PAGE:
• Aug 19, 2007
We missed it early this month, but the new Power Information Network retained value rankings for the automakers came out, and while the top ten list is pretty much owned by imports, HUMMER crashes the party, coming in at the #8 spot. HUMMER vehicles retain 63 over their last showing. Scion sits in the top spot, retaining 69.8%

Toyota (Scion #1, Toyota #5, Lexus #6), Honda (Honda #2, Acura #4) and BMW (MINI #3, BMW #10) actually account for seven of the top ten, with Subaru (7th) and Nissan (9th) rounding out the list along with HUMMER. While domestics remain largely absent from the overall top 10 list this year, they make a strong showing in the top 10 most improved marques in terms of retained value, taking seven of those spots. Click the read link to see the full lists and related statistical information.

[Source: Auto Remarketing]


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  • 22 Comments
      • 7 Years Ago
      Resale value....I don't understand people.

      Myself, I would never pay a high percentage of the original price for a used vehicle, especially with a lot of miles on it. I would rather buy another brand that has depreciated sharply (but still reliable) or just buy new.

      It may be good for the seller to have a high resale value vehicle, but I label the high resale value used car buyer as the dumb money.

      The only exception I see are supply & demand vehicles that are no longer available, exclude those from my comments.


        • 7 Years Ago
        aerith, the Civic is safer against a vehicule of the same size but what about a slightly bigger vehicule? I spotted on Youtube, a video of the Mazda 3 vs the Euro Civic hatchback and a older test of a 92 Civic vs a 4x4 Mitsubishi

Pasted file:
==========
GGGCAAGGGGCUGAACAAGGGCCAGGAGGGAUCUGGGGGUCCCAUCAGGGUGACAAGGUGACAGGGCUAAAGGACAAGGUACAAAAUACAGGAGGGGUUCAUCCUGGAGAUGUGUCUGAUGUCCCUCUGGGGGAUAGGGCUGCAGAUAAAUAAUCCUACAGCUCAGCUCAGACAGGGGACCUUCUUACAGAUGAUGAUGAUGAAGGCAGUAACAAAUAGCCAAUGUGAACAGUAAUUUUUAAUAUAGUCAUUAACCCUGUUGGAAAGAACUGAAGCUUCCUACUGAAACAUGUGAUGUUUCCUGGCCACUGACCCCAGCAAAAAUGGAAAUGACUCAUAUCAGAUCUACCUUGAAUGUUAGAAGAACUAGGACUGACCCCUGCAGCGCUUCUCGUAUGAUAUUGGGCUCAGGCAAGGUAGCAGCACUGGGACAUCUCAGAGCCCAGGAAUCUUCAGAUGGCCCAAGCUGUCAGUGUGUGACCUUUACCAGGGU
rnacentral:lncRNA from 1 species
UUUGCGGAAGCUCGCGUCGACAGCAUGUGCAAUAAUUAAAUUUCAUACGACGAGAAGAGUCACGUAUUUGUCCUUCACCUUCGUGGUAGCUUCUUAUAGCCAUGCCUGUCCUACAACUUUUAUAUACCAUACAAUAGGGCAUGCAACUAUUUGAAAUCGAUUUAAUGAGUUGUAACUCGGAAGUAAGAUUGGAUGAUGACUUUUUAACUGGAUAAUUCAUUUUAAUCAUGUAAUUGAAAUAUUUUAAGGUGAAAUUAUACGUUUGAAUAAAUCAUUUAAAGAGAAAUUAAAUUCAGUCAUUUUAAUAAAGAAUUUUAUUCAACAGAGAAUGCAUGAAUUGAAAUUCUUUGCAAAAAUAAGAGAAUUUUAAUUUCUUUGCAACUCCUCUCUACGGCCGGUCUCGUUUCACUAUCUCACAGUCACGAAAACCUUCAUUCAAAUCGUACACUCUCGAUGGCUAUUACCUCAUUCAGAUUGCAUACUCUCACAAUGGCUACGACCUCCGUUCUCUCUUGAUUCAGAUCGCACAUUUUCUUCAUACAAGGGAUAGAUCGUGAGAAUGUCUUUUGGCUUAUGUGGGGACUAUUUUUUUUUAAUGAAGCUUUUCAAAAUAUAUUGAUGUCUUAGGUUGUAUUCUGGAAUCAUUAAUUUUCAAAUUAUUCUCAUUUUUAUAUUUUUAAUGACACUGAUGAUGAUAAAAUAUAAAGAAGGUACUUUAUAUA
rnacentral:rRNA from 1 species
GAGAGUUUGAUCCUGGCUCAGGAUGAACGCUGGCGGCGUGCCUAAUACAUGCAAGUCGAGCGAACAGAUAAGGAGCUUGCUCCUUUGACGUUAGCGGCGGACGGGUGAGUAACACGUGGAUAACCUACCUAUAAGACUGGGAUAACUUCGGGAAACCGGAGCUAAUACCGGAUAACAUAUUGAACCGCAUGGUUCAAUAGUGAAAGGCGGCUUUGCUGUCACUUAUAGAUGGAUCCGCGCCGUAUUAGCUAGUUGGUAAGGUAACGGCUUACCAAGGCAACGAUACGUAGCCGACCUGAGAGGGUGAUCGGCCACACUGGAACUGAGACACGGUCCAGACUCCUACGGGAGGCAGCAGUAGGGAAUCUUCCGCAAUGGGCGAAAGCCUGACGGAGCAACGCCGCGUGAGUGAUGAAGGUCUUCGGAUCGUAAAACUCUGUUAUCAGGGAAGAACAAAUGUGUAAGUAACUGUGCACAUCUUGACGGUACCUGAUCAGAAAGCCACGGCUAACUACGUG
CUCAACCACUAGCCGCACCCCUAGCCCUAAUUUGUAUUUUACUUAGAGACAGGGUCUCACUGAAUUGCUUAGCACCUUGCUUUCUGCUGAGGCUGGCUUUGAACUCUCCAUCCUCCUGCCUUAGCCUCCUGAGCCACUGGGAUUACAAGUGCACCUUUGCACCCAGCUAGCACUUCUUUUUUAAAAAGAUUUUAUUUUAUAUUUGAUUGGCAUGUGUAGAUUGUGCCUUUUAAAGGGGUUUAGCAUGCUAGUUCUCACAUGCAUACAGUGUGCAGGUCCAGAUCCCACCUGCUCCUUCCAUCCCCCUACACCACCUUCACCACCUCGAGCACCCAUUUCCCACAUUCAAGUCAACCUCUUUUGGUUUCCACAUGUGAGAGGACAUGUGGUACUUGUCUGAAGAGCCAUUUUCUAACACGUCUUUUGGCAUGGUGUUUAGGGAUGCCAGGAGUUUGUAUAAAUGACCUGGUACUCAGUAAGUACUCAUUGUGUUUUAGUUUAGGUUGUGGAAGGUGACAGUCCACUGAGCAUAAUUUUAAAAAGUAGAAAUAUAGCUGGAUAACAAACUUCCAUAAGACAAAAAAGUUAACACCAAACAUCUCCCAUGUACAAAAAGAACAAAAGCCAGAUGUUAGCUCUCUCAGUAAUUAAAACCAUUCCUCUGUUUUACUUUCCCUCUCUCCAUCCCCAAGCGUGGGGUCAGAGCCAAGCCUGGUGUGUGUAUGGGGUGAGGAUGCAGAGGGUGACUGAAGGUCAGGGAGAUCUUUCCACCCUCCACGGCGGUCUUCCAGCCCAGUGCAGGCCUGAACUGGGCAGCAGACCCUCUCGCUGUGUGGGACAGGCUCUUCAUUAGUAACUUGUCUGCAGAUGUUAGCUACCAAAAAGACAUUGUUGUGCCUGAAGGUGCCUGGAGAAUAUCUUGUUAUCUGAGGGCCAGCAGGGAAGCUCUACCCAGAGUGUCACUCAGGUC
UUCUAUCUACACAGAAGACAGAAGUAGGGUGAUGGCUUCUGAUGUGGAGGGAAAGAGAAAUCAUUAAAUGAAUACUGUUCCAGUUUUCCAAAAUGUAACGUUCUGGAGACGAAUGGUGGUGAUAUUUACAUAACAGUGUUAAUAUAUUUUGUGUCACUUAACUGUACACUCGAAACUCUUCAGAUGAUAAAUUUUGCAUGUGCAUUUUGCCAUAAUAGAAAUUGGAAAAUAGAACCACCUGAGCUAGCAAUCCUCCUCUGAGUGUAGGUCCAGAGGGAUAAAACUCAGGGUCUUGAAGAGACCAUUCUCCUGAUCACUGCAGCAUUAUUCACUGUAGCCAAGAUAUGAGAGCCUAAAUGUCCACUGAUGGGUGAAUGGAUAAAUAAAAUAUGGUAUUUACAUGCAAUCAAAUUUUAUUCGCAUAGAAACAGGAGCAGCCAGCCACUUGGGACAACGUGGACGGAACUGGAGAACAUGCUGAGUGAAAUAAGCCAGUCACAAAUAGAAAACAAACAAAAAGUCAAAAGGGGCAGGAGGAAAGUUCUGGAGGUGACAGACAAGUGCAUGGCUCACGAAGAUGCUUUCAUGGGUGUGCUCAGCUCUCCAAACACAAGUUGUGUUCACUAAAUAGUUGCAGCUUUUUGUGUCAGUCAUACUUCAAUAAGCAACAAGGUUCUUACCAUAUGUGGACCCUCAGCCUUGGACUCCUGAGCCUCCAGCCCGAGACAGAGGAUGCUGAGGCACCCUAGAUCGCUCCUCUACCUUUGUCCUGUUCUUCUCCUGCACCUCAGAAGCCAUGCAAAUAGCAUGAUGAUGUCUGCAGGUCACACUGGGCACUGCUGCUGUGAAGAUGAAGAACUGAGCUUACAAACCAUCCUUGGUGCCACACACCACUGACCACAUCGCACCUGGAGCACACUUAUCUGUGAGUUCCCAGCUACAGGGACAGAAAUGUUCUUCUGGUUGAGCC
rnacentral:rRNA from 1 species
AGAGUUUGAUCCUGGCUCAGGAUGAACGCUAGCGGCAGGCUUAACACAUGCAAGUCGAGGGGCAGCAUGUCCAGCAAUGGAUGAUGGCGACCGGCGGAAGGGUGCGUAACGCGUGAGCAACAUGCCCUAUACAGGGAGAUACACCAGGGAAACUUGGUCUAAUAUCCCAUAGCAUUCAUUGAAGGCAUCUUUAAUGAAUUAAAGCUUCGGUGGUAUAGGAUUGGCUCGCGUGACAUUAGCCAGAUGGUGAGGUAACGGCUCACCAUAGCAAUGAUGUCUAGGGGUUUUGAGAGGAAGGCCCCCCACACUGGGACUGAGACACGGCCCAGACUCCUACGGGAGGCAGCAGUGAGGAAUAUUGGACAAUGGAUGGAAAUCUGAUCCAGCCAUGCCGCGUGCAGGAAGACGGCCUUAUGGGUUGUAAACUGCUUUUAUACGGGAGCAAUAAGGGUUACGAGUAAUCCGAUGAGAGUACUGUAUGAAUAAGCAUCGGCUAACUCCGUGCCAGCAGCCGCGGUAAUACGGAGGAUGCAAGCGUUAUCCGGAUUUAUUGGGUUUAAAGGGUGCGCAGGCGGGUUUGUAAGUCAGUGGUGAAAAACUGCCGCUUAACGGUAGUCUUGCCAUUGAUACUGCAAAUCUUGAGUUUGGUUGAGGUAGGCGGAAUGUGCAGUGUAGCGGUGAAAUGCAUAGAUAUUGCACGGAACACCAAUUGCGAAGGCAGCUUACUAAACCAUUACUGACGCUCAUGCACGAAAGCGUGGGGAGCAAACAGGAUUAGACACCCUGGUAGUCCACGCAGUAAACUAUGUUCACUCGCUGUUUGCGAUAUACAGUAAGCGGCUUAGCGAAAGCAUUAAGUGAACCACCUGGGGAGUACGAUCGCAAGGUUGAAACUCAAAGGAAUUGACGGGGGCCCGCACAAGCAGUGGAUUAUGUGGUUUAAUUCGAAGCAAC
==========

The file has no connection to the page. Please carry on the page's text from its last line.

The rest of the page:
http://www.youtube.com/watch?v=LNxOUs-6tTo
        http://www.youtube.com/watch?v=m_86RuYXoJA

        then in Quebec, Canada the Civic is in the top 10 of the most stolen vehicules which means a bigger insurances rates
        • 7 Years Ago
        Of course a used car buyer wants a low resale value. However, the list of highest resale values is useful for new car buyers who want their vehicles to retain value. By looking at this list, I see the most reliable, desirable used cars on here. Personally, I would rather pay 68% of the original price of a (three year old) 2004 Honda Civic than 58.2% of the original price of a 2004 Chevrolet Cavalier. Why? Because the Cavalier is ruddy boring, unsafe, and generally awful, while the Civic is fun, safe, and, with a manual transmission, pretty sporting. I'm no import fanboy, but I see most of the companies that put out the best products on that top ten list.
        • 7 Years Ago
        People who buy new, based on high resale value claiming to be fiscally responsible and then turn around a dump their car in 3 years or so are really being fiscally irresponsible. I drive my cars into the ground with hundreds of thousands of miles on them, so resale is essentially meaningless.